### Game theory

• 1. Managerial economics Game Theory Index 1. Game Theory 2. Assumptions 3. Flow chart 4. Classification 5. Elements 6. Significance 7. Limitations 8. Prisoner's dilemma 9. Methods of solving 2 person zero sum games 10. Solution of pure strategy games 11. Principle of Dominance 12. Method of solving mixed strategy problems.
• 2. 13. Arithmetical Method 14. Graphical Method for solving 2*n and m*2 games 15. Solution of game by linear programming approach 16. Nash equilibrium GAME THEORY Developed by Prof. John Von Neumann and Oscar Morgenstern in 1928 game theory is a body of knowledge that deals with making decisions when two or more rational and intelligent opponents are involved under situations of conflict and competition. The approach of game theory is to seek to determine a rival’s most profitable counter-
• 3. strategy to one’s own best moves. It helps in determining the best course of action for a firm in view of the expected counter moves from the competitors. ASSUMPTIONS • There are finite number of competitors. • There is conflict of interests between them. • Each player has available with him finite courses of action. • Players know all possible available choices but does not know which one is going to be chosen. • Players simultaneously select their respective courses of action. • The payoff is fixed and determined in advance.
• 4. • Players have to make individual decisions without direct communication.
• 5. Decision making Under Uncertainity Under Risk Under Certainity Competitive Non Competitive situations (Games Situations Theory) Pure Strategy Mixed Strategy (Saddle Point exist) M*n strategies 2*2 Strategies 2*n or 2*m (Linear Game (Arithmetic strategies game Programming Method) (Graphical Method) Method)
• 6. CLASSIFICATION o Two-Person Game – A game with 2 number of players. o N-Person Game – A game with N number of players, where >2. o Zero-Sum Game – A game in which sum of amounts won by all winners is equal to sum of amounts lost by all losers. o Non-Zero Sum Game – A game in which the sum of gains and losses is not equal. o Pure-Strategy Game – A game in which the best strategy for each player is to play one strategy throughout the game. o Mixed-Strategy Game – A game in which each player employs different strategies at different times in the game.
• 7. ELEMENTS Pay off - It is the outcome of playing a game. It is the net gain, the strategy brings to the firm for any given counter-strategy of the competitor. The net gain is measured in terms of the objective of the firm i.e., increase in profits, etc. Pay-off Matrix – It is the table showing outcomes or pay-offs of different strategies of the game. E.g., pay-off matrix of a two-person zero sum game PLAYER Y Y1 Y2 Y3 X1 24 36 8 X2 32 20 16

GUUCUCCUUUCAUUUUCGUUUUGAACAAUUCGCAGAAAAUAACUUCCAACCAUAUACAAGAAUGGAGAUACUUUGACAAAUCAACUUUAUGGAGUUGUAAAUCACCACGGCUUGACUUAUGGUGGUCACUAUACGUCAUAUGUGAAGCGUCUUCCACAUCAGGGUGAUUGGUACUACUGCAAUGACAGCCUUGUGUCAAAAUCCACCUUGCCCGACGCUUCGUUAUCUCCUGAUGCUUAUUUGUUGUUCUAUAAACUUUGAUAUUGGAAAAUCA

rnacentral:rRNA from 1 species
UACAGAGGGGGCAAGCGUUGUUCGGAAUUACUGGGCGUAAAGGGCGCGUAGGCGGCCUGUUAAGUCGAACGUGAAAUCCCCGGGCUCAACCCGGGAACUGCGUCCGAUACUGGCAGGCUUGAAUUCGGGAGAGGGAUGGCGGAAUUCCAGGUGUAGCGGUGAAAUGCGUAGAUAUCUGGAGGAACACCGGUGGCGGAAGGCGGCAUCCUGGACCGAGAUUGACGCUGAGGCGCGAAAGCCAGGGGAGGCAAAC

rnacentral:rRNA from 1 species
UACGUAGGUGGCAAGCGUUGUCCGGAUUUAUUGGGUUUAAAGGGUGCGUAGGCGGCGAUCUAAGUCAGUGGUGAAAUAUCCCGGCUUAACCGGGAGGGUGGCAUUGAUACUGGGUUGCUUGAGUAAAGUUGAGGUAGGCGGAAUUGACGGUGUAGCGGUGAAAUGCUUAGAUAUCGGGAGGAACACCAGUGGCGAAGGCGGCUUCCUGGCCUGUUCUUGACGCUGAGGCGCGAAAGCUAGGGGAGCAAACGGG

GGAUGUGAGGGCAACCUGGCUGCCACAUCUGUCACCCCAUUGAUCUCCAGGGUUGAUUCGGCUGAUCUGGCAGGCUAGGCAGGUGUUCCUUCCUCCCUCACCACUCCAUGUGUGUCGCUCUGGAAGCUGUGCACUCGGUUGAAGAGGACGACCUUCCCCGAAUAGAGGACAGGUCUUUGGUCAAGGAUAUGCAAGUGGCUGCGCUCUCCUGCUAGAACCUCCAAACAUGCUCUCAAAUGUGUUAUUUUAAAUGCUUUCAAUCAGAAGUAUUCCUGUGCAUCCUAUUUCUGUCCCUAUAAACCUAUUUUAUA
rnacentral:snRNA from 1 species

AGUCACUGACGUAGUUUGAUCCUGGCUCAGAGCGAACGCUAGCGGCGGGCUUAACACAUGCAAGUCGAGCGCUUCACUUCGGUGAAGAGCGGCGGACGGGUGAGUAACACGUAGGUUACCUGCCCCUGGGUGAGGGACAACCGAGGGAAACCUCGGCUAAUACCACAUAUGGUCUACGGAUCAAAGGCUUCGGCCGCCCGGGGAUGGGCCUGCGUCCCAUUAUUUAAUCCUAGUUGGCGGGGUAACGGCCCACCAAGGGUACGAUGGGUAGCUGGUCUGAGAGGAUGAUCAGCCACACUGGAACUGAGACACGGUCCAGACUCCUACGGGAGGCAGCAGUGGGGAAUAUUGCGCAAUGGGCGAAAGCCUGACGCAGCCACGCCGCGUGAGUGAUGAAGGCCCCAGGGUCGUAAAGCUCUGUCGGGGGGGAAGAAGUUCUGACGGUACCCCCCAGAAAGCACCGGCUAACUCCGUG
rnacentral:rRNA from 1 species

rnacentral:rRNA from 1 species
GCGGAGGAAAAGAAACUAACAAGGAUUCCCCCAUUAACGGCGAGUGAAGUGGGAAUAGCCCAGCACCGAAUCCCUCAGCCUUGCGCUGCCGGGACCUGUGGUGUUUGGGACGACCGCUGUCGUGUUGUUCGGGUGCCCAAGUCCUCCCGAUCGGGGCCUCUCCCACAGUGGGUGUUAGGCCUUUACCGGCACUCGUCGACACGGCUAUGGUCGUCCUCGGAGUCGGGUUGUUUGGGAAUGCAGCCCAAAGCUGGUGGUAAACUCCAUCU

• 8. In this pay-off matrix, positive pay-off is the gain to maximizing player (X) and loss to minimizing player (Y).E.g., if X chooses strategy X1 and Y chooses strategy Y1, then X’s gain is 32 and Y’s loss is 32. In this pay-off matrix, positive pay-off is the gain to maximizing player (X) and loss to minimizing player (Y).E.g., if X chooses strategy X1 and Y chooses strategy Y1, then X’s gain is 32 and Y’s loss is 32. Rule of dominance: A strategy is called dominant if each pay-off in the strategy is superior to each corresponding pay-off matrix, for player Y (who is minimize) , strategy Y3 dominates both strategies Y1 and Y2. The rule of dominance is used to reduce the size of pay-off matrix and thereby ease the computational effort. Optimal strategy: A course of action or plan which puts the player in the most preferred position irrespective if the strategy of his competitors, is
• 9. called an optimal strategy. Any deviation from this strategy results in a decreased pay-off for the player. Value of the game: it is the expected pay –off of the play when all the players of the game follow their optimal strategies. The game is called fair if the value of the game is zero and unfair if it is non- zero. SIGNIFICANCE 1. Helps in decision making: Game theory develops a framework for analysing decision- makings under the situations of inter- dependence of firms with existing uncertainties about the competitor’s reactions to any course of action adopted by a firm.